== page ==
In their book, Executive Leadership, Elliott Jaques and Stephen Clement make the point that almost any personality type can be an effective manager — role that contains leadership. (They go to lengths to make it clear that leadership does not exist outside of a particular role performance.) These personality quirks are irrelevant until they become disruptive to the organization or the person’s performance. Thus, both aggressive and conciliatory personalities can be effective as long as the traits don’t deteriorate into bullying and caving in, respectively. They are pretty harsh at analogies that management “leadership” writers make with other relationships, such as parent-child, salesman-client and spouse-spouse.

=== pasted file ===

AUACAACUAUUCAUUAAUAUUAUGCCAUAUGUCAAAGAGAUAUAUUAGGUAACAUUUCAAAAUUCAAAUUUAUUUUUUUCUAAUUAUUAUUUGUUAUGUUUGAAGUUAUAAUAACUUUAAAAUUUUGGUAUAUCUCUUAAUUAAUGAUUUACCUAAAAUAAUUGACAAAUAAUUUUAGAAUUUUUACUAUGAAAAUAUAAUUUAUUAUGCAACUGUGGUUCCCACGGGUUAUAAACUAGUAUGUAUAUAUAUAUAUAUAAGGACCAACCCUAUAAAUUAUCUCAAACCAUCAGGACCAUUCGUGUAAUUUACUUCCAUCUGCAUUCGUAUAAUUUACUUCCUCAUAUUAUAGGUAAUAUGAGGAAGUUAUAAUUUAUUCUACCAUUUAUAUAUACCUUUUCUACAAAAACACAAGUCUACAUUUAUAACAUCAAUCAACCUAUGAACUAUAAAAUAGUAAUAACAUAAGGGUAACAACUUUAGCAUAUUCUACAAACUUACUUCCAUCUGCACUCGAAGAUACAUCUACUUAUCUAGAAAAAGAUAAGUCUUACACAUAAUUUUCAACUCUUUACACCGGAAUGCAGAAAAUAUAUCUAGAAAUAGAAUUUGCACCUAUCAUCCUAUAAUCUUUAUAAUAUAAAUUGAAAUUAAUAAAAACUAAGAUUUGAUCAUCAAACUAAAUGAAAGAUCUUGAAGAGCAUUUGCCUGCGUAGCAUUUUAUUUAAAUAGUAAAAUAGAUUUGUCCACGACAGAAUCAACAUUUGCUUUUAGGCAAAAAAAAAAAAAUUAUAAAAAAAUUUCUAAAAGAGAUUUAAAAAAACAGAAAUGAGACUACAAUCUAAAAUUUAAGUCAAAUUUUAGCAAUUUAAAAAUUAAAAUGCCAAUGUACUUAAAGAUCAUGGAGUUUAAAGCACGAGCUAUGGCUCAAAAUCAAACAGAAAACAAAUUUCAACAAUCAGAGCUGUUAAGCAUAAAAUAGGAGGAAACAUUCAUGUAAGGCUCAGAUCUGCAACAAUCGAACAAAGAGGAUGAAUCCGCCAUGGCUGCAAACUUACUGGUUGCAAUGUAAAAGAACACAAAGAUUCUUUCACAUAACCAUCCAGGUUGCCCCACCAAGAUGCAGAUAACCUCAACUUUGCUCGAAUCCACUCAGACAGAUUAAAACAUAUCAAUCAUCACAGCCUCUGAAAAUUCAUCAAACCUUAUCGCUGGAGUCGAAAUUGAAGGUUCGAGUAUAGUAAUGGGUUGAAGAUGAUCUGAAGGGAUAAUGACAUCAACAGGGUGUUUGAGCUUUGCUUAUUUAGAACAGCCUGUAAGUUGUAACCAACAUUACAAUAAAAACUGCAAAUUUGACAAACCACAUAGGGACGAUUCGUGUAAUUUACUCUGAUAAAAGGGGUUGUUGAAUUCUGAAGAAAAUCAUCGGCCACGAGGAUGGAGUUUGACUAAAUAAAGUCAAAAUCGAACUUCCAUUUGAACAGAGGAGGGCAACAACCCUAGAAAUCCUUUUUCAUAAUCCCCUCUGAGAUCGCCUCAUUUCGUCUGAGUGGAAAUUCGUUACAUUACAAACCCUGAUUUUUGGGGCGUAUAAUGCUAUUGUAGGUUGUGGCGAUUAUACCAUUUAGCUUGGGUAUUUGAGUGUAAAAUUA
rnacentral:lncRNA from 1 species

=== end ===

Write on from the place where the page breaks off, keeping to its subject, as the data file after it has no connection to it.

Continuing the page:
…in particular are those analogies which try to persuade managers that if only they can get to understand the psychology of their subordinates they will be better able to exercise effective leadership and to ‘motivate’ them. Instead, it should be made clear at every level of the management hierarchy that it is simply not acceptable for individuals to behave in ways that are disruptive to their own working relationships with other or to relationships between others. In short, every individual can be required to leave his or her psychopathology at home…
Image Credit: Leaving Yongsan Station. © Danleo (CC BY 2.5). Via Wikimedia Commons.